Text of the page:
Saturday, August 21, 2010
RECONCILING WITH BEETS
There are beets in my refrigerator. I still can't believe it. I'm sure that I vowed I would never eat them again. Beets have been on my "not fit for human consumption" list since 1968. I wanted no part of them. As a child the routine at the dinner table generally went like this: "Just try it. How do you know you don't like it if you don't try it? Just eat a little, and if you don't want it, then put it aside". My twisted face and tears weren't enough to get me out of having to taste the beets. I took a big bite--an entire rubbery slice. My little body shook like Lucy Ricardo's when she took her first taste of Vitameatavegemin. I concluded years ago that beets were horrible and I would not forget it. I didn't care HOW they were prepared or who prepared them. I didn't care if they were a cure for everything that ailed me. But if I was ever going to get out of seeing them on my plate again, I had to show my parents that I at least made an effort to try them. In our house, food was not to be thrown away. Daddy had too many stories about all of the things that my grandmother put into a pot. "We had to eat whatever was running," he often said. (My Dad has a very particular palate to this day.) Throwing away food was tantamount to a criminal offense when I was young. There were too many starving children in Africa, I was told. I now know there are too many starving children in America, too, but neither pronouncement made me want to be a friend of beets.
Fast forward to 2010. I'm creeping up on 50 very quickly. I have found myself eating things I used to decline. Yogurt. Broccoli. Cauliflower. Cabbage. Tomato Juice. I'm finding myself more and more interested, lately, in what my body needs, while not totally depriving myself of what my taste buds want.
The Jack LaLanne juicer has started something wonderful. (I recall watching him when I was a little girl at my maternal grandmother's home in Addis, Louisiana. He's still around, and still preaching the gospel of good health.) There are a lot more varieties of fruits and vegetables in the kitchen, now. Every day is like an experiment to see what goes well with what. I still can't believe I have consumed a beet. The juice is beautiful in color. That's what beets were good for as far as I was concerned--color. They were art supplies, not food.
My daughter juiced eggplant (we know now not to do that again), sweet potato, spinach, squash, apple, and orange. It wasn't Coca Cola, but it gave us the distinct feeling that our bodies were grateful. The pulp that the fruit and veggies yielded just seemed too abundant to throw away. I'd kept the pulp from the lemon, orange, apple, strawberries, grapefruit experiment we did one day, and used some of it when I prepared salmon.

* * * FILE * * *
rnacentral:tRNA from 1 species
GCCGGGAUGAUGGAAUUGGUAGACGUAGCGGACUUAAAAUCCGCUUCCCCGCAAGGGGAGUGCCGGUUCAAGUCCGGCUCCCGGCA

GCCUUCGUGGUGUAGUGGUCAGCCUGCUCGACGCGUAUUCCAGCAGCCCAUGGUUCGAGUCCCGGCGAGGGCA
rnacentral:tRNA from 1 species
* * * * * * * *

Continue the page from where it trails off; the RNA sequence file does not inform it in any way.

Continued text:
As I stared at the pulp that included the beets, for the first time in my life I was excited about the prospect of a veggie burger. I don't know if it was the redness of the pulverized beet that made me think of ground meat, or not. All I know is that I put half of the pulp in a bowl, and seasoned it with onion, rosemary, celery seed, seasoned salt. I cracked 2 eggs, and made bread crumbs from 2 hamburger buns that had been languishing in the refrigerator. The more I mixed, the more my brain believed it was meat. My taste buds would be the judge, though. I formed the patties, heated a pan, got the vegetable oil and was pleased by the aroma. When they were done, I toasted some wheat bread, topped the burger with mustard and a little barbecue sauce, cut the sandwich in half and tried it. it wasn't an Angus burger, but it really wasn't bad! I mixed the rest of the pulp with tomato paste, and the spaghetti I made on another day was good, too. Am I considering becoming a vegetarian? Probably not. But I am happy with the notion that days aren't going by without my feeding myself something fresh and chock full of nutrients.
This afternoon, I went into the refrigerator and looked at the lone, remaining beet. I STILL can't believe there is a beet in my home on purpose! There was a generous bunch of greens and the stems from the other 3 that we juiced a few days ago. I'd asked my daughter to save the skins from the sweet potato and the squash thinking that I would fry them. Instead, I checked online to see if beet greens were edible. Maybe that's something that I was already supposed to know, but my aversion to beets kept me from wanting to know anything at all about them. Egglesscooking.com had a good article, and gave me the go ahead. I still wasn't ready to cook them as if they were collards, mustards or kale, though. Maybe another day. I chopped up the beet greens, stems, and the skins and prepared it all for another round of veggie burgers. I still don't like beets, but they're fine all tangled up with a lot of something else, and that wonderful, rich color is something that I can't bring myself to hate. I even considered saving some of the beet juice and dyeing my tennis shoes. I can't seem to get rid of the yellowish stain where the rubber meets the canvas. I'm sure there's something on the internet for that, too.
It has actually been fun-- this aim to get the recommended daily requirement of fruit and vegetables. I like my new habit. Maybe by NEXT summer, I'll really appreciate the effort...: )